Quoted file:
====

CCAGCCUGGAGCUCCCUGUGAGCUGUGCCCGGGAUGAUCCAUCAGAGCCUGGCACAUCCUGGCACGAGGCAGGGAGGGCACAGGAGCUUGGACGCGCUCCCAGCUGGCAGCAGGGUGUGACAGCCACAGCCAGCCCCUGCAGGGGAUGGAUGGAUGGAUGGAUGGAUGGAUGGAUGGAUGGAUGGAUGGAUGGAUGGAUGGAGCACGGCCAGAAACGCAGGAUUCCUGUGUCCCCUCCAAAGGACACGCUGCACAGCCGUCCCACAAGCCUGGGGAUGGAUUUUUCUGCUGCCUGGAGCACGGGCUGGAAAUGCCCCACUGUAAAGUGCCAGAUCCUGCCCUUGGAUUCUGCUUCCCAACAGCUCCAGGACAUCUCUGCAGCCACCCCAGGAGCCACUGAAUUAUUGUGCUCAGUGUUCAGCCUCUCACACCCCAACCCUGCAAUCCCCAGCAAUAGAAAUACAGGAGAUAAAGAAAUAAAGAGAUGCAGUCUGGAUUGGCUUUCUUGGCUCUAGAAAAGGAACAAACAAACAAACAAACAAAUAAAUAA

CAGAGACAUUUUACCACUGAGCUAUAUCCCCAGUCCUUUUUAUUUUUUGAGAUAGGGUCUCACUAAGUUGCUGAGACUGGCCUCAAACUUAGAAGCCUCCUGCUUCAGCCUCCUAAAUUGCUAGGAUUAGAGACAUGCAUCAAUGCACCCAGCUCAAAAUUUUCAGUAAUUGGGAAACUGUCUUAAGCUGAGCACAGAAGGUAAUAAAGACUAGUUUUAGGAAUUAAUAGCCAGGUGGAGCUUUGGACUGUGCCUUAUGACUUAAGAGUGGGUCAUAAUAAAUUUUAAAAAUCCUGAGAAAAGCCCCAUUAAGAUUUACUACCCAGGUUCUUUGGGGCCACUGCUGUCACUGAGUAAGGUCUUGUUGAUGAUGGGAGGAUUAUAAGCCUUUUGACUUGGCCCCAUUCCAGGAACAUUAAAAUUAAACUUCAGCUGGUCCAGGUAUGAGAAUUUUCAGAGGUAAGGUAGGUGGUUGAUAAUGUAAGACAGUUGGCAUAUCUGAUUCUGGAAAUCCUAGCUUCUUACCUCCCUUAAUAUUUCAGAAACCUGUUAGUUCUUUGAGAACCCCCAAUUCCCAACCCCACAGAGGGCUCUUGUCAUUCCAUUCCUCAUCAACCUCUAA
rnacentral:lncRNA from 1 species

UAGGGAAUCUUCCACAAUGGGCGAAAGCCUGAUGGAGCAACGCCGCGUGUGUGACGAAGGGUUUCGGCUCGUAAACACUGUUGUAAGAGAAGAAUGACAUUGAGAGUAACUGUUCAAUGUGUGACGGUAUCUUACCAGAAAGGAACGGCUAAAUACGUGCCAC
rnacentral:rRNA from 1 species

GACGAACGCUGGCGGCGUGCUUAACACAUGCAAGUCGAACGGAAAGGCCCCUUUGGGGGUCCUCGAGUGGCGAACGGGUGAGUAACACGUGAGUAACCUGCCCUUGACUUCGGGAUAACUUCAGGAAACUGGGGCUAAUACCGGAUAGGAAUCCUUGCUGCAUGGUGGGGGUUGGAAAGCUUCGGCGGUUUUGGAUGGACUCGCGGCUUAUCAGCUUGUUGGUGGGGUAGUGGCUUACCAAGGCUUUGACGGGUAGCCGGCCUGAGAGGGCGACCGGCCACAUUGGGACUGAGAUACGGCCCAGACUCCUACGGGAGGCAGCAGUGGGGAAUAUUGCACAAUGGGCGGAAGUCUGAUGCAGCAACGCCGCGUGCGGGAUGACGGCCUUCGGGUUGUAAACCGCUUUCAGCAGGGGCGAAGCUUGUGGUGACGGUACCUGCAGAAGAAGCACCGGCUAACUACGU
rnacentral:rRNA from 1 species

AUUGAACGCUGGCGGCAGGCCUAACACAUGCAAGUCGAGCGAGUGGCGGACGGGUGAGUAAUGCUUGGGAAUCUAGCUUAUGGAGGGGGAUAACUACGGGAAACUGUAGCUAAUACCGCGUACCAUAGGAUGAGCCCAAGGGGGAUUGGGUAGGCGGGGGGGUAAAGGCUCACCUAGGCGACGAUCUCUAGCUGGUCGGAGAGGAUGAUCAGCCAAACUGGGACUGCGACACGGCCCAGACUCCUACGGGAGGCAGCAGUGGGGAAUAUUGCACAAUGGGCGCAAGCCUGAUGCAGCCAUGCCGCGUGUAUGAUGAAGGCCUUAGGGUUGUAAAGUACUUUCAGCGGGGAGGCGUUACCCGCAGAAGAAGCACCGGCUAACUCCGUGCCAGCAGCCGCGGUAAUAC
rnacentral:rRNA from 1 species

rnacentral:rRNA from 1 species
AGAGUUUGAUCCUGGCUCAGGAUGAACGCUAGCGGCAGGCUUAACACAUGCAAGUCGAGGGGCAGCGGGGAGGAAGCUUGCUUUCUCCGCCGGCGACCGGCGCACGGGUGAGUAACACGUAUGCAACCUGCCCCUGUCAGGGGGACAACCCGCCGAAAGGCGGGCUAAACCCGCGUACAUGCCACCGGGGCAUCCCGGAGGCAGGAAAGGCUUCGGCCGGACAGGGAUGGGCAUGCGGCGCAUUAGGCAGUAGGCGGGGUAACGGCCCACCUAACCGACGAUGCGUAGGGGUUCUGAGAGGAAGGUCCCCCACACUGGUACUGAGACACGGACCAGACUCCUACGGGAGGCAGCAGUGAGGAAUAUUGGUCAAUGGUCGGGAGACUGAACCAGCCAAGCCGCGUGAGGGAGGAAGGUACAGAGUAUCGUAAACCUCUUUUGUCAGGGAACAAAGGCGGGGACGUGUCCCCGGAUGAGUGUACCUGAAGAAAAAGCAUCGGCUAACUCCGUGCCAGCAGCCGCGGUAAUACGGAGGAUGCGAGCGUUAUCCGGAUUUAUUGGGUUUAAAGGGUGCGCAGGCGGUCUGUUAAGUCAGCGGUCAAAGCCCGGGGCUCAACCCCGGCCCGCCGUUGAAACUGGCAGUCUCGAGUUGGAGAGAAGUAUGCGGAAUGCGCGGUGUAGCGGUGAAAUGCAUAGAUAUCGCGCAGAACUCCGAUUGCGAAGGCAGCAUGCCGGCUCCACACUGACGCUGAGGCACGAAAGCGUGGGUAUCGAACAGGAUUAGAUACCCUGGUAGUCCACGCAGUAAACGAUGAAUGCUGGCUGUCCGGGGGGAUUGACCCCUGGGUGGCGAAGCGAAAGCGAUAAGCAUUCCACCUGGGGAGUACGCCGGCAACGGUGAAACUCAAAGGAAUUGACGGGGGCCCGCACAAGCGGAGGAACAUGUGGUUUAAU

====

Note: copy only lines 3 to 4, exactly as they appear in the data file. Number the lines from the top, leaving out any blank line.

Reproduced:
rnacentral:lncRNA from 1 species

UAGGGAAUCUUCCACAAUGGGCGAAAGCCUGAUGGAGCAACGCCGCGUGUGUGACGAAGGGUUUCGGCUCGUAAACACUGUUGUAAGAGAAGAAUGACAUUGAGAGUAACUGUUCAAUGUGUGACGGUAUCUUACCAGAAAGGAACGGCUAAAUACGUGCCAC